Keywords: Wealth ; Stock market
    Date: 2009
  2. By: Olivier Pierrard; Henri R. Sneessens
    Abstract: We build on the DSGE literature to propose an overlapping generation model for Luxembourg.By way of illustration, the model is then used to study the consequences of the ageing of the population and the potential effects of alternative macroeconomic policies.
    Date: 2009–04
  3. By: KOBAYASHI Keiichiro
    Abstract: We construct a search-theoretic model à la Lagos and Wright (2005), that has multiple steady-state equilibria, one of which may be interpreted as a state of financial crisis. The key ingredient is the collateral-secured loan in the decentralized matching market, in which the borrowers must put up their own land as collateral. They borrow debt for intertemporal smoothing of the consumption stream and also for factor payment in production. In the crisis state, the land price is low and the debt for factor payment, i.e., liquidity, dries up. Facing a liquidity shortage, all sellers choose not to participate in the matching market and the market is shut down due to the search externality. This market disruption lowers the aggregate productivity, while the low productivity justifies the low asset price in turn. We may be able to derive a policy implication that collective debt reduction by government intervention may solve the coordination failure and bring the economy out of the crisis equilibrium.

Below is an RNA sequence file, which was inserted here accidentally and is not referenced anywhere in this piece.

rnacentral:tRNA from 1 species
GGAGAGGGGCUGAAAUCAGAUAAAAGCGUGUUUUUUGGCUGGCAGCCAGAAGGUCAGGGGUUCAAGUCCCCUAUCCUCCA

Date: 2009–09
  4. By: Kai Christoffel; James Costain; Gregory de Walque; Keith Kuester; Tobias Linzert; Stephen Millard; Olivier Pierrard
    Abstract: This paper reviews recent approaches to modeling the labour market and assesses their implications for inflation dynamics through both their effect on marginal cost and on price-setting behavior. In a search and matching environment, we consider the following modeling setups: right-to-manage bargaining vs. efficient bargaining, wage stickiness in new and existing matches, interactions at the firm level between price and wage-setting, alternative forms of hiring frictions, search on-the-job and endogenous job separation. We find that most specifications imply too little real rigidity and, so, too volatile inflation. Models with wage stickiness and right-to-manage bargaining or with firm-specific labour emerge as the most promising candidates.
    Date: 2009–05
  5. By: José-Víctor Ríos-Rull; Frank Schorfheide; Cristina Fuentes-Albero; Raul Santaeulalia-Llopis; Maxym Kryshko